We made the best apple and blackberry crumble and enjoyed the warmth of the golden sun.

Photos from The Village - Surrey's post 19/09/2023

Farming // - Roundhouse Schoolhouse

The chosen topic for this term is farming. Our first session back after the summer holiday was based on an introduction to farming.

We looked at the different types of farms - orchard, dairy, plantations, poultry, stables, and mixed farming and what animals are found on a farm. In groups we played a flip card memory game matching the set of cards and collective nouns.- chicken, poultry, flock.

After lunch we looked at area and what is an acre. How do we measure land and how many acres is the farm. We looked at what a square meter is and in groups measured the length and width of the field. We then worked out how many square meters fit into an acre, and how many fields would fit into 1 acre. Together we all worked out that approximately 3 fields are 1 acre and that all the fields on the farm is 7acres.

Taking some shade in the woodland we finished the day with a great debate on the pro’s and cons of intensive farming vs organic, loads of great conversations, views and awareness.

Photos from The Village - Surrey's post 17/09/2023

Chickens // - The Village Community

It’s time to introduce the girls!
We have 6 hybrids which means we will get different colour eggs.

We’ve called our girls:

Breeds we have:
Rhode Rock - brown eggs
Devon blue - blue / green eggs
Devon olive - olive green eggs
Speckled Maran - brown speckled eggs
Blue Maran - brown/ plum eggs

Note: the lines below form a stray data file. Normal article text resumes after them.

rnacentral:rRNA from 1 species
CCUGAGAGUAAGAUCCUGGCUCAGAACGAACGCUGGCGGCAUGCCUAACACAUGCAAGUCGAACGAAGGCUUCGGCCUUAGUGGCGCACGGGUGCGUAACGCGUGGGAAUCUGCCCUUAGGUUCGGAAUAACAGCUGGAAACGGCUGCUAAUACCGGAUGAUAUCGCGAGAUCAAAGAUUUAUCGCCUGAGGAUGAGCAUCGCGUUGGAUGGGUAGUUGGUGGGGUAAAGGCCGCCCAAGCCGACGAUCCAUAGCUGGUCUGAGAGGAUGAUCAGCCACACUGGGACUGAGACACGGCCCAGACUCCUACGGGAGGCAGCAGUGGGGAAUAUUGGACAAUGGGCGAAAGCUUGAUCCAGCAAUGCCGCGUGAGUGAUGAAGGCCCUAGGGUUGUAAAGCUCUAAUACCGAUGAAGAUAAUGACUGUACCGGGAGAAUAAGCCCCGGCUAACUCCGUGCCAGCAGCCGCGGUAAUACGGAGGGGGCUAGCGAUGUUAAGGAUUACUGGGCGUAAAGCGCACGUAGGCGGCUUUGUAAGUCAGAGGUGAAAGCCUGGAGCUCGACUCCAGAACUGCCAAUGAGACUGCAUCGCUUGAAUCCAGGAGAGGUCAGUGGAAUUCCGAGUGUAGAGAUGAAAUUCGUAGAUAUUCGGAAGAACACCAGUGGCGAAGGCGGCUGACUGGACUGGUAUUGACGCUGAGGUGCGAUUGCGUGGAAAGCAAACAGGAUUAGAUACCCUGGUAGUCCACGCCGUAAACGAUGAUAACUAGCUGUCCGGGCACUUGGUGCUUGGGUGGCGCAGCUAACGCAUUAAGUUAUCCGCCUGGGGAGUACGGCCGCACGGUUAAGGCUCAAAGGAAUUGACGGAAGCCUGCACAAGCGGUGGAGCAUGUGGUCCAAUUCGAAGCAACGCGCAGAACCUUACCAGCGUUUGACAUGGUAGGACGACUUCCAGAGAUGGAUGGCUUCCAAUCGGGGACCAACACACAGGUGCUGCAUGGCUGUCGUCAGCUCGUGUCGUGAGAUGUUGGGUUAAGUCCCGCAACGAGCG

Leghorn partridge - white eggs

Thanks to the lovely Libby at
Libby has been so helpful and amazing with her time and advice. If your looking for chickens it’s a real recommendation. Our girls have settled in so nicely and are so healthy.

Photos from The Village - Surrey's post 16/09/2023

Chicken Coop & Run // - Wildlings

This project has taken so much hard work and time. It’s been weeks of working together to get it ready for our girls arriving and I’m so proud of what we’ve all achieved.

It’s taken strength, tool work, patience, listening, measuring, sharing, communication, cooperation and so much more.

What a great hands on and engaging way to learn.

Photos from The Village - Surrey's post 15/09/2023

Yarrow & Lavender Balm // - Mothers Fire

Yarrow has been known since ancient times as the magic healing herb. Steeped in folklore and history it has a long standing place in any herbalists medicine cabinet. Yarrow has the ability to stem bleeding and heal wounds. This healing ointment also helps to soothe burns, scratches, insect bites, cuts and rashes.

Infused with lavender to help with its soothing properties, along with also helping to calm insect bites, minor wounds and burns.

What a dream in a pot 🌱💜

Photos from The Village - Surrey's post 14/09/2023

Blackberry Tie Dye // - Wildlings